Andrew Huang and MyVolts have got together to produce the best-looking light-up patch cables you’ve ever seen. This is the way to do it.
We love flashing lights in Eurorack. Any excuse to add further illumination is always a good thing. We’ve seen light-up patch cables before, it’s not a new idea, and I’ve got a few knocking around in my rack. But they’ve lacked a bit of finesse and always feel a little clunky. Halo hopes to change that.
Halo cables are based on myVolts Candycord patch cables but with magic infused into the ends. As voltage passes through, the value of the signal is visualised with LEDs embedded into the plug. What’s different about this to other light-up patch cables is that the light only emerges from the top and bottom of the plug in a rather nice halo. It looks completely awesome.
The cables are made with thermoplastic rubber sleeving, which adds durability but also makes them a little on the chunky side. The plugs use anodised aluminium casing, and the connector on the end is gold plated. I get the feeling that these are going to be expensive.
I think visual feedback is an awesome thing as you’ll have gathered from my Molten Motion Meter module that was released yesterday. Each Halo has matching bi-colour LEDs at either end. The brightness shows the strength of CV, and it flips colour between positive and negative signals. There are two choices of LED bi-colour depending on the colour of cable you buy. Pink, Peach, Purple and Black cables get Blue/Red, whereas Yellow, Green and Grey cables get Red/Green. At high frequencies, these are seen as Purple or Yellow.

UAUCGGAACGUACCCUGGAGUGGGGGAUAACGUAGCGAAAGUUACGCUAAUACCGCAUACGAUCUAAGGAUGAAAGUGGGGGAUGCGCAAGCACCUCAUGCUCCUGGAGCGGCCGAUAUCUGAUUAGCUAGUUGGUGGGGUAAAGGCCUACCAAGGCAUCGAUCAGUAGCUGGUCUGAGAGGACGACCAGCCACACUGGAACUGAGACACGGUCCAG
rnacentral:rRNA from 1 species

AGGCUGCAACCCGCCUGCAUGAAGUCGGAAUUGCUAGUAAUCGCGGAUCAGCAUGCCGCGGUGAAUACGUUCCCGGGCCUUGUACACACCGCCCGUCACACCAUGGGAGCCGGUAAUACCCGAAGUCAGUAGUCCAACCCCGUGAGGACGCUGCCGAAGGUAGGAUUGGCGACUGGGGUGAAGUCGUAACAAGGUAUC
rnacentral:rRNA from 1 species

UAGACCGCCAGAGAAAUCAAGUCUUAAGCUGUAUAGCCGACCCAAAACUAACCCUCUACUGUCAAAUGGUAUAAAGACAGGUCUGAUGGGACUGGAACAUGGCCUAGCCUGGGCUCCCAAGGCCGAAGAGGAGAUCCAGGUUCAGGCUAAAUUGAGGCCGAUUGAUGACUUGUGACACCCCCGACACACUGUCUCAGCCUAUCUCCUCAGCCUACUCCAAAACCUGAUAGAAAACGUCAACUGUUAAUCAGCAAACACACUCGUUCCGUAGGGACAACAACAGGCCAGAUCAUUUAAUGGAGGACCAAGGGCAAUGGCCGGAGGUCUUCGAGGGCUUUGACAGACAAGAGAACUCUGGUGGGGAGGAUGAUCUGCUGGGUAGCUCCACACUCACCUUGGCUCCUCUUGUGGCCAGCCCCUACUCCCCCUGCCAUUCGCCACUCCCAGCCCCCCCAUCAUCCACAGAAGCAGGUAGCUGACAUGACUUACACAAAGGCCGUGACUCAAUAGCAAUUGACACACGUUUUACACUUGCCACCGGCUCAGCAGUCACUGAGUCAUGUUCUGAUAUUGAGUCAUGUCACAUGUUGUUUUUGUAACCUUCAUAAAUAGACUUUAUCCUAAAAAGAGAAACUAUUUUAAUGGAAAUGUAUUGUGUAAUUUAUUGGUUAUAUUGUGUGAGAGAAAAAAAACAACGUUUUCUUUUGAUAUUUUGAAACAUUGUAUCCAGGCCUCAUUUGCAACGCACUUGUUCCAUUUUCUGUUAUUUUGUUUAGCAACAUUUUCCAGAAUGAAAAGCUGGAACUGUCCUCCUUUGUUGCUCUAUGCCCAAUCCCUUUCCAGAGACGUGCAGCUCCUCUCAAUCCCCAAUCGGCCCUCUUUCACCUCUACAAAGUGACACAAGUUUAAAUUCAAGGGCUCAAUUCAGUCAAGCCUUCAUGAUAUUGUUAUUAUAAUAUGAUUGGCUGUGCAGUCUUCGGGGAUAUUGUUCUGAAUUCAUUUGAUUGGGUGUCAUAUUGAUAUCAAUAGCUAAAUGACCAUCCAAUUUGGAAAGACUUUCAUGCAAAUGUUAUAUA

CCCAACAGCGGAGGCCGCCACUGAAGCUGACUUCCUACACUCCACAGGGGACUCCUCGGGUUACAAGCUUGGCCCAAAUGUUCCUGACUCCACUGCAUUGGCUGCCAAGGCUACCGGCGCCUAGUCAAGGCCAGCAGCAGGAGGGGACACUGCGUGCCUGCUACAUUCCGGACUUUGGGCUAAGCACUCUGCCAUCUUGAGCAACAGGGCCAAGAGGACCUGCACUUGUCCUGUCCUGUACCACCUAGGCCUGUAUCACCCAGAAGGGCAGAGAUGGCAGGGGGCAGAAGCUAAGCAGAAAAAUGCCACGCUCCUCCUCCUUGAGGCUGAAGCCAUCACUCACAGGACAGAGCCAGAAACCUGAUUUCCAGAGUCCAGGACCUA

These are going to be great for better understanding what’s going on in your patch as well as looking fabulous. There’s always a caveat with light-up cables in that because they are passive, they have to draw power from the CV that’s passing through; however, this is tiny. It will make no difference to regular modulation, triggers or clocks, but it does depend on the complexity of what you’re doing.
Candycords are quite a premium cable to begin with; like $10 for a 15cm stereo minijack cable. But they are rather nice. The first entry into Halo is a twin pack of any size for €19 plus shipping. Sizes on offer are 15cm, 30cm, 50cm and 80cm. A pack of 4 pairs will cost you €75. A 5-pack of braided patch cables would commonly cost you around 20 quid. So these are definitely on the premium side of posh.
Halo is on Kickstarter now, and they are not quite halfway to the goal with 16 days to do. With Andrew Huang’s influence, I’m surprised they didn’t hit it almost immediately, but then these are for people who use their own modular rather than people who enjoy watching Andrew use his. Andrew did allude to stretch goals in the video, but there’s nothing on the Kickstarter page about it that I can see. I’m sure it will pick up, and I am definitely tempted to get a couple.
- MyVolts Halo: MyVolts